Keep Your Day Job but Everyone Needs a Side Project
An exciting, intriguing experiment brewing behind the scenes just might evolve into your life's work.
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What do abstract expressionist art and virtual reality have in common? They were both pioneered as side projects.
Jackson Pollock was a school janitor by day and spent after-hours working on his illustrious drip paintings. With a full-time job at USC, Oculus founder Palmer Luckey spent evenings in his garage building the future of virtual reality.
And they're in good company. Google, Twitter, Buffer, Todoist, Space X, Apple, Product Hunt, Trello: these are just a few of the hugely successful businesses who started their lives as an experiment -- molded and polished in off-the-clock minutes -- while "real work" carried on in the backdrop.
With solid internet access, a little time and a lot of devotion, a seed of curiosity can flourish into something groundbreaking. Side projects inspire. Side projects energize. Side projects change lives. What's stopping you?
Take it from me.
I've always been a tinkerer. Before founding JotForm in 2006, I entertained a merry procession of side projects. Some related to my core competencies; others, I dived into just because they tickled my fancy. I built prototypes. I learnt carpentry. I wrote code. I started blogs.
My real job wasn't the place to explore tangents, dabble and experiment. So, I used my little projects as guinea pigs, to test hypotheses or apply learning from the latest book I'd devoured.
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Some side projects fizzled out. Others made me a bit of money and eventually provided me with the safety net I needed to quit my job. But all of them taught me something invaluable: about marketing, sales, product development and myself.
Today, my circumstances are a little different. But I'm still tinkering; only now, I'm doing it with the JotForm team by my side. We're a bootstrapped company. And without VCs breathing down our neck, we have the freedom to take as many playful, calculated -- or uncalculated -- risks as we please.
So we do. Risk and pressure-free, side projects mark the most fertile territory for innovation and creativity there is. I think everyone should start one.
Side projects make you smarter, happier and more creative.
The most common misconception about side projects? That starting one will distract you from your real job. Or tire you out. Or just complicate things. But in fact, the opposite is true. Fiddling around in new territories will actually make you better at the stuff you already know.
I love chatting to staff about their side projects and hobbies. For one thing, it shows they have enough free time and security to take pleasure in things beyond their job. But usually, their personal interests end up informing their work at JotForm.
Dawn Sharifan, Slack's director of People Operations, agrees, "At the core of it, people that have hobbies or side projects say that they are on a path for continued improvement, intellectual curiosity and well roundedness."
Another side project advocate is Google, which famously allows their employees to spend 20 percent of their time exploring them. It's thanks to this system that Gmail, Google News and AdSense came about. Spotify hosts week-long hackathons to encourage staff to explore their passions. Even Y Combinator asks its applicants for a side project idea when they apply.
And there's research to back this up. When psychology professor Dr. Kevin Eschleman tested the effect of having a side project on over 400 people, those who had one were deemed more helpful, collaborative and creative.
That's because side projects counteract the pressures of regular work, in the same way we might go for a drink with friends to blow off some steam after a long day. But instead of drinking a large glass of Merlot, we're honing our skill-set, sparking our curiosity, testing our intellectual capacity. This is fulfilling. This is restorative. This enhances well-being.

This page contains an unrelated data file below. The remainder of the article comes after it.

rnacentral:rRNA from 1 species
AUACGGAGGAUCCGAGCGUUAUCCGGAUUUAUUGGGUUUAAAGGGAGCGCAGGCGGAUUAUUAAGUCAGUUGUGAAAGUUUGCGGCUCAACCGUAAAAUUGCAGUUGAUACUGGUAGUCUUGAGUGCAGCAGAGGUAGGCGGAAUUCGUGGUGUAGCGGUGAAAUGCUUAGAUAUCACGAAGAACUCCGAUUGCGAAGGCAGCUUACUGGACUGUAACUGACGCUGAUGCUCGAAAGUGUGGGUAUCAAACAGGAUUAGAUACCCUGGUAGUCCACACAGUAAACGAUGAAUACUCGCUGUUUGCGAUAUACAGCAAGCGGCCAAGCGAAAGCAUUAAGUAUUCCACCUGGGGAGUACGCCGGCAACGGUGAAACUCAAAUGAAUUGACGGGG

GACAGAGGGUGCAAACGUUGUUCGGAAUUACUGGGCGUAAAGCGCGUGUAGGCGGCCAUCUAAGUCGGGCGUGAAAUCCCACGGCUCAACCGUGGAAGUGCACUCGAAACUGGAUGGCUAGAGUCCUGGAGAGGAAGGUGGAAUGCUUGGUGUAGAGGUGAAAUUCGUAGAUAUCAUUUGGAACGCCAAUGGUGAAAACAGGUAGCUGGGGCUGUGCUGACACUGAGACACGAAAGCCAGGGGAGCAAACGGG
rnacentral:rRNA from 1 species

Related: 8 Ways a Hobby Makes You Better at Your Day Job
Running a business or simply having a real job is inherently stressful. You need to earn your keep. People must be paid. There's pressure to perform and be successful. Your side project, though? It's not putting food on the table. It's not paying the bills. So, if it crashes, no one gets burnt.
And that very freedom is the elixir that has taken so many side projects from the garage to the boardroom. Begin to lay the groundwork for one of your own.
Find the time.
Kidding! Unless you're cruising around on an adult gap year or a self-inflicted sabbatical, long stretches of time where you can knuckle down and figure things will never be found. And that's fine. You don't need them.
Side projects blossom in windows after work, before breakfast, during lunch break, on the subway. Everyone has those magic-making minutes, even the busiest, hardest-working CEOs on the planet.
Squirreled away in the grander scheme of your day, they don't make much difference. But over weeks, months and years, they start to pack a real punch. You'll probably have to deduct these minutes from something else. So cut back on Netflix binges. Have a shower instead of a leisurely bath. Push back your morning run.
Because, as Paul Jarvis says, "It takes sacrifice to make something great. In order to shift your mindset and experiment with ideas, you have to choose a new path. You have to change your paradigm from consumption to creation."
So free up those spare moments and protect them like you'd protect a lunch with your oldest friend. Make a date in your Google diary. Switch your phone to airplane mode. Put a Do Not Disturb sign on your door. You might lose grip on the latest Suits plotline, but you'll gain something much better.
But remember, this isn't about enforcing a regimented schedule. Manageable deadlines are helpful to keep things chugging along, but don't beat yourself up if you miss them.
Related: How to Meet Tight Deadlines Without Sacrificing Creativity
Nothing kills inspiration off as swiftly as trying to find, fast. Now's not the time to inflict time pressure on yourself. You're doing something because it fascinates you, not to get it shipped for express delivery. Lose the timer.
Plus, if you and your side project are having fun together, it will flow along naturally – like a playdate, not a tutoring session. Hang out and see what happens.
Be into it.
You need to justify the time spent with your side project. So it has to be fun. If it's not, you will find excuses not to show up -- and there are always excuses. You'll resent the time you do spend. It will feel like a chore.